Tuesday, September 17, 2019
The Illinois Supreme Court suspended an attorney
Mr. Freund, who was licensed in 1984, was suspended on an interim basis and until further order of the Court. He has been criminally charged in McHenry County in the death, and the concealment of the death, of his five-year-old son, A.J. Freund.
ABA News 7 Chicago reported on the interim suspension
Illinois officials have suspended the law license of a suburban Chicago man charged in the beating death of his 5-year-old son.
The state's Attorney Registration and Disciplinary Commission disclosed Monday the license of 60-year-old Andrew Freund of Crystal Lake will remain on suspension until further ruling by the Illinois Supreme Court. He's awaiting trial on charges he murdered his 5-year-old son, AJ.
The Arlington Heights Daily Herald reports Freund previously had his license suspended in 2015 over his work in the divorce case of AJ's mom, JoAnn Cunningham, who's also charged in the boy's slaying.
According to commission records, Cunningham and Freund defied a court order barring her from taking items from her marital home. The disciplinary commission said both were subsequently convicted of indirect criminal contempt.
CBS 2 Chicago reported on the criminal case
A group of activists in McHenry County is seeking changes at the Illinois Department of Children and Family Services, as the parents of 5-year-old A.J. Freund face murder charges in his grisly death.
The child welfare agency’s handling of A.J.’s case has come under intense scrutiny after his death, in light of DCFS reports that revealed A.J. told a doctor of possible abuse four months before he was killed.
“There’s other kids right now right here in McHenry County that are in the same situation. Are they going to miss them?” demonstrator Tim Phalin said as A.J.’s parents, JoAnn Cunningham and Andrew Freund Sr., were in court for a status hearing in the murder case against them.
A.J.’s parents have pleaded not guilty after they were formally indicted on a combined 61 charges of murder, aggravated battery, and concealing a homicide in A.J.’s death in April. They are accused of beating him to death, burying him in a field, and reporting him missing in an effort to cover up the murder.
Tuesday’s hearing in the case lasted only a few minutes, with the McHenry County State’s Attorney’s office asking for the couple to submit fingerprints and DNA. Prosecutors also said they are waiting for more scientific evidence in the case.
A group called “ROAR For A.J.” organized a demonstration outside the McHenry County Courthouse on Tuesday during Tuesday’s hearing. They have said they want justice for him, and policy changes at DCFS.
The demonstrators had the chance to meet with the McHenry County State’s Attorney to voice their concerns about how A.J.’s case was handled. They said their message was clear.
“A.J., in this specific case, he used his voice. He said who hurt him, how they hurt him, and he was left unheard,” said organizer Tracy Cooper Kotzman.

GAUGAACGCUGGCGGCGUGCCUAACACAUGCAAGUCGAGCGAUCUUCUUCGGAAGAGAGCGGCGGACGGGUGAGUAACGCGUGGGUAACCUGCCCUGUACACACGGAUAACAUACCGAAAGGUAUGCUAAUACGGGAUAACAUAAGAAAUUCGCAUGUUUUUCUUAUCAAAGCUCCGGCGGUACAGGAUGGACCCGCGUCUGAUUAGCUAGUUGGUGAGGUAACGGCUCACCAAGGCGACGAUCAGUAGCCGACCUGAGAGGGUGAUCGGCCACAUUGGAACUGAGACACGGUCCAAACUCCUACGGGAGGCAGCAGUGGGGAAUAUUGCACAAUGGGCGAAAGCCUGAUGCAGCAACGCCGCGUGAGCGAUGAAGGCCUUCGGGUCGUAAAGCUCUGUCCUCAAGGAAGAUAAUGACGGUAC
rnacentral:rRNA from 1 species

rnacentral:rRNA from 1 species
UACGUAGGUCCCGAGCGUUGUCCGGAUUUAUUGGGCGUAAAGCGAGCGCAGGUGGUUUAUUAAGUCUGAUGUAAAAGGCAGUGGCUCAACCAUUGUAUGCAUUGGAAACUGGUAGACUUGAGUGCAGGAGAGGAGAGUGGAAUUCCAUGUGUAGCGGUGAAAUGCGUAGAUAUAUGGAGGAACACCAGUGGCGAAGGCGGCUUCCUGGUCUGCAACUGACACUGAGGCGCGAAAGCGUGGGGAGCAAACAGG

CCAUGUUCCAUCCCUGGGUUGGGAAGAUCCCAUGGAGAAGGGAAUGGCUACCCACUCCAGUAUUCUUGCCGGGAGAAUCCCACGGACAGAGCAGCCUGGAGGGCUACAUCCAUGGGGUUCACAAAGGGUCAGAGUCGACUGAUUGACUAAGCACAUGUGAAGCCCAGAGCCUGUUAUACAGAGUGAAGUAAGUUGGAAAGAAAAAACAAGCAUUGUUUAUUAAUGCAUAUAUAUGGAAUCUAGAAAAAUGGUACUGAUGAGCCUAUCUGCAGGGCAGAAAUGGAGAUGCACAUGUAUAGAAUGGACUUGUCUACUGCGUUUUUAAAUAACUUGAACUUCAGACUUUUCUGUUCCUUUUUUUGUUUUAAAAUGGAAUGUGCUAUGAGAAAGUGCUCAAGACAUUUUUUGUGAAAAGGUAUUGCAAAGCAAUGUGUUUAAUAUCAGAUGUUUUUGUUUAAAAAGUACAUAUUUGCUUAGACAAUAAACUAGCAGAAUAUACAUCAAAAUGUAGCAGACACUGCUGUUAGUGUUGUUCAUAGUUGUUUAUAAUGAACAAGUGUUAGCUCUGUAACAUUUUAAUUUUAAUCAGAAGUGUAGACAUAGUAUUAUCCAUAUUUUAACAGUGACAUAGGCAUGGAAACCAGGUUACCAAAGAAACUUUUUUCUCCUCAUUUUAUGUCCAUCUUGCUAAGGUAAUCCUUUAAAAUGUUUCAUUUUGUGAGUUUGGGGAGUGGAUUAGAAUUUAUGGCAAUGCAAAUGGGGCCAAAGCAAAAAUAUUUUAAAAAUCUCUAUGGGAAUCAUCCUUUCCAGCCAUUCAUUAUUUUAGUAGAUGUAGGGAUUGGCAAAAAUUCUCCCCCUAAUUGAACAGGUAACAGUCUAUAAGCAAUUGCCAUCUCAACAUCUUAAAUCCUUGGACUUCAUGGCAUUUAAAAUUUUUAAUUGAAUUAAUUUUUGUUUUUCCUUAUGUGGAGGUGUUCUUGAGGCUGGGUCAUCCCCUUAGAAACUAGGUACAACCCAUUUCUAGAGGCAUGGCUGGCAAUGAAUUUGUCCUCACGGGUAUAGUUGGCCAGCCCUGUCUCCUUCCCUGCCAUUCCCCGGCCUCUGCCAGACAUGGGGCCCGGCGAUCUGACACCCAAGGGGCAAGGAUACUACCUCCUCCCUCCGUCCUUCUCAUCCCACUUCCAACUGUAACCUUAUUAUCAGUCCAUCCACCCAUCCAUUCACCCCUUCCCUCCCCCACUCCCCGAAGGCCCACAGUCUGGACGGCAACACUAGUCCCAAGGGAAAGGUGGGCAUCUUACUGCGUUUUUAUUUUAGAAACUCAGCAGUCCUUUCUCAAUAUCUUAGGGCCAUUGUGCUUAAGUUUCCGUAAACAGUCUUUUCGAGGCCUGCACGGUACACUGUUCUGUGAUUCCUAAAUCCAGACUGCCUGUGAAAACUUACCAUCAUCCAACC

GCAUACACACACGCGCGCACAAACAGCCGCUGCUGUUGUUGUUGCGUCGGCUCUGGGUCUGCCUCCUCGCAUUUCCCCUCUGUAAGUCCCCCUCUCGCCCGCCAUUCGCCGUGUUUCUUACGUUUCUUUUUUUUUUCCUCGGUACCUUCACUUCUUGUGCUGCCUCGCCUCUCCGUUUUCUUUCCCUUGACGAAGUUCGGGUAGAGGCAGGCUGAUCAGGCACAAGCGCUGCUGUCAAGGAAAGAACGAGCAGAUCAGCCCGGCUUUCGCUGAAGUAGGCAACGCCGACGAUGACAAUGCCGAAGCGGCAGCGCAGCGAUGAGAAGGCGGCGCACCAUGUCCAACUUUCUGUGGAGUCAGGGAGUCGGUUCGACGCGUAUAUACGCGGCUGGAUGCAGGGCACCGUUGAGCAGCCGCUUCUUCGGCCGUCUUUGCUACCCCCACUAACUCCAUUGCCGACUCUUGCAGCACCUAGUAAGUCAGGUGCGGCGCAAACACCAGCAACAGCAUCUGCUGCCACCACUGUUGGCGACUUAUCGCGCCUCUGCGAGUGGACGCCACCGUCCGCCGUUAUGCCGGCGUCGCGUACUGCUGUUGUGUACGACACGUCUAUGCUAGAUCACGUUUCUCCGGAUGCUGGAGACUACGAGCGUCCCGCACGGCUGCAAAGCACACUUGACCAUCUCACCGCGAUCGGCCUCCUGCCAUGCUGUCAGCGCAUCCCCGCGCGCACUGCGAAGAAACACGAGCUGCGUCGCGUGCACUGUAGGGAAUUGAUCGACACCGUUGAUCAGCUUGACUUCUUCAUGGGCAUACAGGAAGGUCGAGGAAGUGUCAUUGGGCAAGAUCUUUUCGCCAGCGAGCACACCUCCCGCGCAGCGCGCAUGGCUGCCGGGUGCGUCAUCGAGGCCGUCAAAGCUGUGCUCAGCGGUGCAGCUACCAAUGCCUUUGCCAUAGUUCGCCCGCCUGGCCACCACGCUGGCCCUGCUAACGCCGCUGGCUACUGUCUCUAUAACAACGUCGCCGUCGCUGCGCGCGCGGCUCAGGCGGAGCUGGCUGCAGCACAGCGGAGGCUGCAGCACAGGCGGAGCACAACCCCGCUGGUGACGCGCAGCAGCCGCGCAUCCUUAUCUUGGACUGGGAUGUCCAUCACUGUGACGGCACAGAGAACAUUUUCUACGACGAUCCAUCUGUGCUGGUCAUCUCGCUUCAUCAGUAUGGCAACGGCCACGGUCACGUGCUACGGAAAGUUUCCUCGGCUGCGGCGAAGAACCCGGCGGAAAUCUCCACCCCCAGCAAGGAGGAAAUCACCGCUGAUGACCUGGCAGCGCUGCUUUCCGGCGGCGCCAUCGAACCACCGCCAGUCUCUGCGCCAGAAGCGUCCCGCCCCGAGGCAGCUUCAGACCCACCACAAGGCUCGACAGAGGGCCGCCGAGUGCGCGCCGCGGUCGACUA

The demonstrators want DCFS held accountable for A.J.’s death. Four months before his death, a DCFS investigator deemed neglect allegations against A.J.’s mother unfounded, after a doctor could not pinpoint the cause of a mysterious bruise on the boy’s hip.
Police had called DCFS after A.J.’s mother, JoAnn Cunningham, had been arrested for driving on a suspended license in 2018, according to Crystal Lake Police Department reports. The officer had visited the family’s home, and noted not only was the house in deplorable condition, but A.J. was running around wearing only a pull-up and sporting a large bruise on his hip.
When a DCFS investigator arrived, A.J. said he suffered the bruise “when the family dog pawed him.” However, after going to the hospital to have the bruise checked, a doctor told the DCFS investigator A.J. claimed “maybe someone hit me with a belt. Maybe mommy didn’t mean to hurt me,” according to a DCFS timeline.
The doctor said he could not determine how A.J. was injured, stating the bruise “could have been caused by a dog, belt or a football,” according to the report.
The investigator released A.J. back into his parents’ custody, but advised his father to stay at home “as a safety precaution.”
The DCFS report also revealed significant discrepancies between the deplorable conditions police had found inside the home, and the conditions the DCFS investigator noted one day later. The investigator ultimately deemed allegations of neglect unfounded, “due to lack of evidence for cuts, welt and bruises allegation.”
The DCFS timeline also revealed that Cunningham was being investigated for her behavior as foster parent, before A.J. was born. In June, 2012, she was accused of abusing prescription drugs and neglecting her foster child.
Four months later, A.J.’s parents allegedly forced him into a cold shower for an extended period of time, and beat him to death. They reported him missing three days later, prompting a weeklong search that led to the discovery of his body wrapped in plastic and buried in a shallow grave about seven miles from the family home in Crystal Lake.
The next hearing in the criminal case was set for July 16, although Freund and Cunningham are due back in court on June 24 to determine if they will be stripped of their parental rights to A.J.’s younger brother.
Cunningham and Freund Sr. are being held on $5 million bond.
Cunningham was about seven months pregnant at the time of her arrest, and gave birth to a baby girl last week. The infant is now in state custody.